revolution He did not just preach about it but by action and deed he committed his body to freedom Because of this we do not today simply honor a man and a memory of valor We honor more We honor all men and women who in the words of President Kennedy are willing to pay any price bear any burden meet any hardship support any friend oppose any foe to assure the survival and the success of liberty Here at this gravesite beneath the windswept flags of two great nations we pause not to remember just a struggle which historians have called the American Revolution For this struggle only happened to be in a place called America In the same way the institutions for the mentally retarded in which the young French will be working only happen to be in a place called America Both these efforts were and are part of the revolution and evolution of the freedom of man Lafayette knew this and that is why he came A German named von Steuben knew it and a Pole named Kosciusko knew it The battle names were Brandywine and Trenton Norfolk and Yorktown But the battlefield was that universal soil wherever the human spirit is fettered and wherever opportunity is denied For the struggle in which Lafayette so gallantly participated neither began on July 4 1776 nor ended five years later The struggle for freedom continues today in nations whose people are not free and within free nations where the few do not share the opportunity of the many It no longer needs to be fought with cutlass and cannon But the combat and the conquest require the same courage the same intellect the same commitment the same inspiration which were so much a part of the Marquis de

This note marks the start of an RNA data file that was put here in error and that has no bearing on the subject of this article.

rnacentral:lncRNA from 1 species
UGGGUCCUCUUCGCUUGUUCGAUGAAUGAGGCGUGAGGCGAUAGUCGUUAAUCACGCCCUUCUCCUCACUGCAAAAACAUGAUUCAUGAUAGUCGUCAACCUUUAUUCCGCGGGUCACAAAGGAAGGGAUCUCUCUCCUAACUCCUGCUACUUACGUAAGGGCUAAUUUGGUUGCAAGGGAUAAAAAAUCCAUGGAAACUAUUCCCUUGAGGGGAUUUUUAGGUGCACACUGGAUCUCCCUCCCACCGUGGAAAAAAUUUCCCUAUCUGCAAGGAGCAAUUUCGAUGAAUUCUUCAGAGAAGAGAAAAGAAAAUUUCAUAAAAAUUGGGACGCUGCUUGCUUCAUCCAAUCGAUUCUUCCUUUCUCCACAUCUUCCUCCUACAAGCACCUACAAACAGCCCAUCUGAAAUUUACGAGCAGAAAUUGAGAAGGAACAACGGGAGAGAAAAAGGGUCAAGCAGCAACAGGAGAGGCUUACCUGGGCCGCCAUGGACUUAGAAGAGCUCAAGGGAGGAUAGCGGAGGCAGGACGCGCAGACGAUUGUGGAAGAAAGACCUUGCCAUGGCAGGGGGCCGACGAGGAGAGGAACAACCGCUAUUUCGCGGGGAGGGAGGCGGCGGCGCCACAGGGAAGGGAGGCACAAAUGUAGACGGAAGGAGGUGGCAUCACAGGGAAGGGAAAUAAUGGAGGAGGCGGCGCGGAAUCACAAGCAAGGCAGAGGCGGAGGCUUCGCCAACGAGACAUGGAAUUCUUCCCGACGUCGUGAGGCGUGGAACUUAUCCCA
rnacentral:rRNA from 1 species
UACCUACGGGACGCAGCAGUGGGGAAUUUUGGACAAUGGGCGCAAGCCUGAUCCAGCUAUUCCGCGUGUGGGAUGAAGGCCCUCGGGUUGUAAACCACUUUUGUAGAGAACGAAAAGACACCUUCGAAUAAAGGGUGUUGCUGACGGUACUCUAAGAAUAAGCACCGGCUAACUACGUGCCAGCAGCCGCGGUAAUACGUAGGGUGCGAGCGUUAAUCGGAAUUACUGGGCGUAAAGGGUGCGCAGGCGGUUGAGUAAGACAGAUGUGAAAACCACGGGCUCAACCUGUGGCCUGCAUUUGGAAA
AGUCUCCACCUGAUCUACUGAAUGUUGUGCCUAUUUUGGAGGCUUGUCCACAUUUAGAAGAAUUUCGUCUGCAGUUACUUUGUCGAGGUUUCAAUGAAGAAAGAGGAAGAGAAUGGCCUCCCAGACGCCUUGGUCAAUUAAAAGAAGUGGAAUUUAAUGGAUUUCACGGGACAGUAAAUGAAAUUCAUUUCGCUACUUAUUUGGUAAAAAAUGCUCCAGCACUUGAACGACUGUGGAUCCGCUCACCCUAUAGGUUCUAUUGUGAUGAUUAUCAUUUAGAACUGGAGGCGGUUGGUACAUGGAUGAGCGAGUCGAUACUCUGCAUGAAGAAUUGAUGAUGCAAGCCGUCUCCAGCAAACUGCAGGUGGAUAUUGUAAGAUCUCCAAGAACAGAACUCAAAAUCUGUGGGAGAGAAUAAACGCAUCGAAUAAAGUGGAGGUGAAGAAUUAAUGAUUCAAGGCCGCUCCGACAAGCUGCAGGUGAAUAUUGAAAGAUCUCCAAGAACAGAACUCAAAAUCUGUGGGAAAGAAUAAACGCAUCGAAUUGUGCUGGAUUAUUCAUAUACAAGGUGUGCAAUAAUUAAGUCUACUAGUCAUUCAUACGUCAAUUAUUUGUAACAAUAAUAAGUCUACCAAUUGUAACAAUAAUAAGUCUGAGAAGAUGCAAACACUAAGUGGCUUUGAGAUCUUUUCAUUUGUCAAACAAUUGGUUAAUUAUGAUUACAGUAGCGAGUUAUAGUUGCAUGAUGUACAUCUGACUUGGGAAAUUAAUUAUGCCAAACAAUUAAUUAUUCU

Original URL path: http://www.sargentshriver.org/speech-article/remarks-at-the-tomb-of-lafayette (2015-03-27)
    Open archived version from archive

  • Sargent Shriver Peace Institute - Sargent Shriver's Remarks at the Brandeis University Panel on the New Revolution and the University